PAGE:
Scene & Herd

  • Under Pressure

    THIS TRADE–CUM–BANKING MEGALOPOLIS just hasn’t been the same since the Brexit blowtorch caught aflame last year. Boiling blisters of social unrest last burst in the 2011 London riots, and had been temporarily covered by courtly Band-Aids. How surprised should we really be to find that the wounds wrought by inequality, racism, isolationism, and xenophobia still fester? The slate and chalk hills feel like all that’s left holding this country together as the continuous surge of violent attacks and gut-wrenching tragedies like Grenfell Tower make it hard to believe in a society based on faith and

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  • Second Coming

    SUMMER IN NEW YORK IS DISMAL. It turns your face into a pus farm, the air is rich with the scent of garbage cooking on the sidewalks, and my friends’ lengthy trips to Montauk or Morocco remind me of what everyone else seems to have and I don’t.

    Thankfully, others approach the season with a spirit of generosity—specifically Vanessa Carlos, Simone Subal, and Nicole Russo, the organizers of Condo New York, “a large-scale collaborative exhibition of international galleries” (as per Condo’s website) that sidesteps the enervating costs and madness of the art-fair circuit and promotes collaborative

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  • Greek to Me

    IN SOME PLACES, the art bubble can be benevolent—say, in Greece, the birthplace of democratic ideals.

    Remember ideals?

    If the country is in crisis politically, its art world is thriving. Or so it seemed when the plane landed in Athens during a drenching rain, unusual for the middle of June. Perhaps the gods objected to the art horde arriving from Basel for a weekend jaunt. Perhaps they just wanted to wash away the turmoil of the past—the recent past, that is. Ancient history lives in the visible foundations of this city. And what are foundations for if not to build something new?

    There lies Documenta

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  • Julia’s Child

    SOMETIMES THE UNIVERSE throws you a curveball. Like at the ten-year anniversary exhibition of the Julia Stoschek Collection in Düsseldorf, where, standing in front of Ed Atkins and Simon Thompson’s SKY NEWS LIVE, a gripping newsfeed depicted the unfolding results of the British general election. Having witnessed from afar the Westminster, Manchester, and London Bridge attacks, sandwiched by Theresa May’s hard-line Brexit rhetoric and her snap election, I was ready to give up when reading a poll predicting the biggest Tory landslide since Thatcher. (No prizes for guessing my politics.) But as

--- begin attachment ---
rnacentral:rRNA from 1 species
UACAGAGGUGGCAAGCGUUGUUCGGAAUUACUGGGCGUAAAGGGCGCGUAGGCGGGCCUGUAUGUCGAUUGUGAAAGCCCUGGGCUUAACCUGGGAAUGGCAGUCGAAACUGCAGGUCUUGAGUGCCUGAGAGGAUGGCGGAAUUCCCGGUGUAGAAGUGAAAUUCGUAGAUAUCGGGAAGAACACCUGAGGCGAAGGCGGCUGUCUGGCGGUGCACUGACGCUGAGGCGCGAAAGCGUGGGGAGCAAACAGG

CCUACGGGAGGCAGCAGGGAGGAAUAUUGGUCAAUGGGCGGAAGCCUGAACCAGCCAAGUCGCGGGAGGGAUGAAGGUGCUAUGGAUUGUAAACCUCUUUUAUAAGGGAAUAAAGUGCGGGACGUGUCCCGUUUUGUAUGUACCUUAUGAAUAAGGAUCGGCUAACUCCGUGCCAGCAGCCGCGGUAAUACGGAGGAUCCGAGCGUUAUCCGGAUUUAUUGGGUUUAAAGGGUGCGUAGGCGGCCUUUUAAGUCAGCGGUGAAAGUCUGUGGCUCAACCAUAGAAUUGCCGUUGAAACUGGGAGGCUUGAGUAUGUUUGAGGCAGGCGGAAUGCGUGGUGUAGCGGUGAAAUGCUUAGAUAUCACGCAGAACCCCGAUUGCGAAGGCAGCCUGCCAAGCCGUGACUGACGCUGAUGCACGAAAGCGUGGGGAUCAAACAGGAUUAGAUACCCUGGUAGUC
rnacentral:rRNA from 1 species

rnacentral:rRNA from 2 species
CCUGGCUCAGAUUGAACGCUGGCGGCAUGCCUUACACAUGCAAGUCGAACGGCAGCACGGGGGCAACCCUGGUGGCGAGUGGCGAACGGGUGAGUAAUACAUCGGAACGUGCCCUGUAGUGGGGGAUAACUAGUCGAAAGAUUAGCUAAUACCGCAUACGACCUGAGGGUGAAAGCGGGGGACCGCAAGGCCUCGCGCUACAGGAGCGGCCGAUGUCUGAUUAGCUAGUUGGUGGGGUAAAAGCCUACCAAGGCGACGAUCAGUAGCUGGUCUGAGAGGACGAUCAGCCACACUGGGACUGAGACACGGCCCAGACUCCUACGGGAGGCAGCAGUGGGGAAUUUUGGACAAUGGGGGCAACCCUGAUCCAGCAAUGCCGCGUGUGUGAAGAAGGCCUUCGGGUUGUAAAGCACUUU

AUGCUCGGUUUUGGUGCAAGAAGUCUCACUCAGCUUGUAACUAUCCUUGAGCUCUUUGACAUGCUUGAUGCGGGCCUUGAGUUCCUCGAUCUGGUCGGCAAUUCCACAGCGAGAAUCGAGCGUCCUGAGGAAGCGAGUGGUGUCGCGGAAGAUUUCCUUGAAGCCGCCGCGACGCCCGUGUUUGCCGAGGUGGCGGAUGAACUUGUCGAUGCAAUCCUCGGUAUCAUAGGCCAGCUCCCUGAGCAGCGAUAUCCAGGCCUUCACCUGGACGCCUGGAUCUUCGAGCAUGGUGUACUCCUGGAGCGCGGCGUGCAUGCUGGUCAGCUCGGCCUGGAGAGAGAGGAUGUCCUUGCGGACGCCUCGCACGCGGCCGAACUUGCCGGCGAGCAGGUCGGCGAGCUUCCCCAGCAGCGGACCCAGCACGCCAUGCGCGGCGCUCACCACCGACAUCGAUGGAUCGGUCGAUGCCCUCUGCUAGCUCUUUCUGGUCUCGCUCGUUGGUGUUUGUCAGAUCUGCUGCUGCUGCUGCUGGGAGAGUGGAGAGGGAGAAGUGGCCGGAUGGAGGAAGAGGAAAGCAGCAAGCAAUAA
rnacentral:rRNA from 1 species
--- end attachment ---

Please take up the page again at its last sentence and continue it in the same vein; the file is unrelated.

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  • Making History

    THE REVIEWS ARE IN.

    “Our most successful ever.”

    “Exceptional.”

    “One of the most upbeat fairs I can remember!”

    That’s pretty much the consensus—from dealers—on the forty-eighth edition of Art Basel.

    Now that it’s over we can say that collectors paid big—hundreds of millions—for the big names and spent more good money on the next tier and the one after that. Even as the world ties itself into sorrier knots every day, the market for modern and contemporary art is booming.

    Is it like anxious eating? “Either that,” one dealer told me, “or it’s a demonstration of faith in art and a willingness to invest in

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  • Five and Dime

    THE ART WORLD IS A TRIP. With the Whitney Biennial, the Venice Biennale, Documenta in Athens and Kassel, and Skulptur Projekte Münster all coinciding in one “süperkunstyear,” it’s hard for even the most veteran art traveler to keep up.

    Over the weekend, the venerable Skulptur Projekte Münster began to draw crowds from Documenta or those en route to Zurich and Basel for its fifth edition since its inception in 1977. Skulptur Projekte’s unique model—new sculptural commissions installed mostly in public spaces every ten years—makes for a provocative scavenger hunt of public art. The show is deeply